I love obscure pop culture references, so yes, the title of this post riffs off the song “Lola” by The Kinks. This post is not really about Ebola, though. It’s about the varying reactions to the cases of Ebola that have occurred in the US.
The first thing that strikes me is how the public’s reaction is so different than the various government agencies, at all levels. The second thing that strikes me is how there is no coherent response between the various levels of government. But let’s take the public’s reaction first.
You can read polls and listen to people on television, but my visceral sense is that the public is, by and large, scared shitless. You can argue about whether the public’s reaction is rational based on the actual nature of the crisis (or argue about whether, in the US, it even is a crisis), but nothing I’ve seen so far can convince me that people are remaining calm and going breezily about their business. And I have a theory as to why people are so frightened.
It’s not so much that they’re afraid of the disease. They’re afraid because the integrity of the institutions that are supposed to be looking out for their well-being continues to erode, as it has been for probably twenty years now. This is not a political statement, by the way. This is an Equal Opportunity Observation from someone who has seen this erosion continue regardless of which party is in power. So pick your favorite reason. Was it the flawed justification for invading Iraq, or was it withdrawing all our soldiers so we could “end the war” only to see the place descend into chaos? Was it the repeal of the federal law (Glass Steagal) that kept retail banks separate from investment banks, or the fact that no one seemed to realize what that meant until the collapse of 2008? Was it the lack of focus on Al Qaeda prior to 9/11, or was it calling ISIS a JV team wearing a Kobe Bryant jersey? See what I mean?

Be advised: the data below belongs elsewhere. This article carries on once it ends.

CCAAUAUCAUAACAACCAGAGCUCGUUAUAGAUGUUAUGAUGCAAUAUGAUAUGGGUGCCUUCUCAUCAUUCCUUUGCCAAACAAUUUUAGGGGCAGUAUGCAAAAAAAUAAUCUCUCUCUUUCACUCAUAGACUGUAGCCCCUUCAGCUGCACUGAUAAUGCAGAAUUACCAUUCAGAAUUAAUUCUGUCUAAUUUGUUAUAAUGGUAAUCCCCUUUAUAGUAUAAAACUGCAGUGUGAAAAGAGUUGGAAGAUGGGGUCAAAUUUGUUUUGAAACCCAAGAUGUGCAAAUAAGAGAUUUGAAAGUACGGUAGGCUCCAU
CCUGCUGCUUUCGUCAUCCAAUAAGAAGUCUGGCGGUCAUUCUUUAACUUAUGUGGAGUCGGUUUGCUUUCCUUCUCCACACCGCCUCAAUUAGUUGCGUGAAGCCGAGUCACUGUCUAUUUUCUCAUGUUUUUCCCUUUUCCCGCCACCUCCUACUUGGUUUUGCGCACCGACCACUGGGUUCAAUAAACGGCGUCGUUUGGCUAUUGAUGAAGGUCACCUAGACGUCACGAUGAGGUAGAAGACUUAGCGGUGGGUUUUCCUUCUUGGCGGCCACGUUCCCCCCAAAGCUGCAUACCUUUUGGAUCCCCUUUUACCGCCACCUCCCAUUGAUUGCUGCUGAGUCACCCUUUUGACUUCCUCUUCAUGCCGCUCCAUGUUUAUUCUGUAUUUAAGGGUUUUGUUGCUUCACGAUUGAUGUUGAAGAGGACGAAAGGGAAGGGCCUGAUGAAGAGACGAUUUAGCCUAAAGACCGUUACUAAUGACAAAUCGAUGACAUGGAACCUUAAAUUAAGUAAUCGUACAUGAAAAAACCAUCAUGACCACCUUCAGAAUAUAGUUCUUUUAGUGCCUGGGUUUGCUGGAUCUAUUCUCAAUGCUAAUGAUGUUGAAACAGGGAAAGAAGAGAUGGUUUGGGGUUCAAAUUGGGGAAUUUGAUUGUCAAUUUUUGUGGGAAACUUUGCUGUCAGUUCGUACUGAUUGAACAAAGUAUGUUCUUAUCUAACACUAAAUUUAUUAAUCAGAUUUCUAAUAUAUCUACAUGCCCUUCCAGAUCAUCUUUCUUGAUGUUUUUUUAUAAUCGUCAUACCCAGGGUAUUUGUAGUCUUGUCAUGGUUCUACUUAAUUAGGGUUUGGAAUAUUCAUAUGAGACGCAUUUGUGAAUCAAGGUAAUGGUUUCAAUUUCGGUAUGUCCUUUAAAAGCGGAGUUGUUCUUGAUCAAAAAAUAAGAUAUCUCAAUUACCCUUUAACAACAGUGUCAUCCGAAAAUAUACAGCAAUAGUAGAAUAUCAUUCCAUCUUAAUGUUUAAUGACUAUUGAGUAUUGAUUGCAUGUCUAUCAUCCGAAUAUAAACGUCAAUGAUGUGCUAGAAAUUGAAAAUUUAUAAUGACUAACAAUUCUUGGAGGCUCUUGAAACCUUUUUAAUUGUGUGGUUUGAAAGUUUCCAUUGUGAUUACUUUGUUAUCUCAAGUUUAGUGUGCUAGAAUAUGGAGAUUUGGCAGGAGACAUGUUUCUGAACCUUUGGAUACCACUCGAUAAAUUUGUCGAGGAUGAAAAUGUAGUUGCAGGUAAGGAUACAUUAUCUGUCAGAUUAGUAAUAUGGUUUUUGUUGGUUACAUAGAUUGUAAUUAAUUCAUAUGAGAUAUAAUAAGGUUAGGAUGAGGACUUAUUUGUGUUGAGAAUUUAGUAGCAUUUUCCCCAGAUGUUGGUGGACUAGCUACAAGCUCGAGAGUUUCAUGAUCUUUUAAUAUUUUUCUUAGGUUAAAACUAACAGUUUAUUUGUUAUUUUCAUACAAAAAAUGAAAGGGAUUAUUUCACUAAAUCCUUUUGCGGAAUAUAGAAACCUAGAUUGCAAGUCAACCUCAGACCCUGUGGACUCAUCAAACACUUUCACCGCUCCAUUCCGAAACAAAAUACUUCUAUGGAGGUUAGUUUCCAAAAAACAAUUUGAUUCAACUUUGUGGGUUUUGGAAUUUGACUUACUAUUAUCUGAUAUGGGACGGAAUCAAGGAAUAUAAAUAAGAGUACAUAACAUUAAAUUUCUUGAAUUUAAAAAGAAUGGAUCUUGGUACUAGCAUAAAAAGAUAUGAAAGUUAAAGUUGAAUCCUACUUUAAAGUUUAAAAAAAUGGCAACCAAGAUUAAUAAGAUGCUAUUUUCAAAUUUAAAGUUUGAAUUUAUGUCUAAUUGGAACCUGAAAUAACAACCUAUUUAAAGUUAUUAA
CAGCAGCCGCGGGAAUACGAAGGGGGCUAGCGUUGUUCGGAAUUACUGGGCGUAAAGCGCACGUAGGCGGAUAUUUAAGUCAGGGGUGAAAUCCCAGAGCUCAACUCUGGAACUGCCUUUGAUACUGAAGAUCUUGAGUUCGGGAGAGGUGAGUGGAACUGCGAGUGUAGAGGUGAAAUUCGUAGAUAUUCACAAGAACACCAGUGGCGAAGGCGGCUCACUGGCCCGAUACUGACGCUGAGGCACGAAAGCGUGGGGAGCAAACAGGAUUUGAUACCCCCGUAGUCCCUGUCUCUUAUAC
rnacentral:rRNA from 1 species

Anyway, add to that the current response to the Ebola situation, with its myriad confusions and policy prescriptions that don’t reconcile with each other and it’s no wonder people are afraid. I mean, on the one hand you’ve got the governors of New York and New Jersey (bi-partisanship at last!) calling for mandatory quarantines for people returning from the hot zone, and on the other hand you’ve got the Feds saying that’s a bad idea. Unless, of course, the people in question that have been in the hot zone happen to also be in the US military, in which case they are not only quarantined, but not even allowed to return to the States. They’re being quarantined in Italy. Italy!
So pardon me if I don’t quite buy it when my local mayor, or my governor, or my congressperson, or my President, tells me not to worry. I think it was Mencken who said, “When they say it’s not about the money, it’s about the money.” That’s kind of how I feel right now about Ebola. When they say don’t worry, we’ve got it under control, run as fast as you can to the cleaning aisle, load up on bleach, then jump headfirst into a vat of hand sanitizer.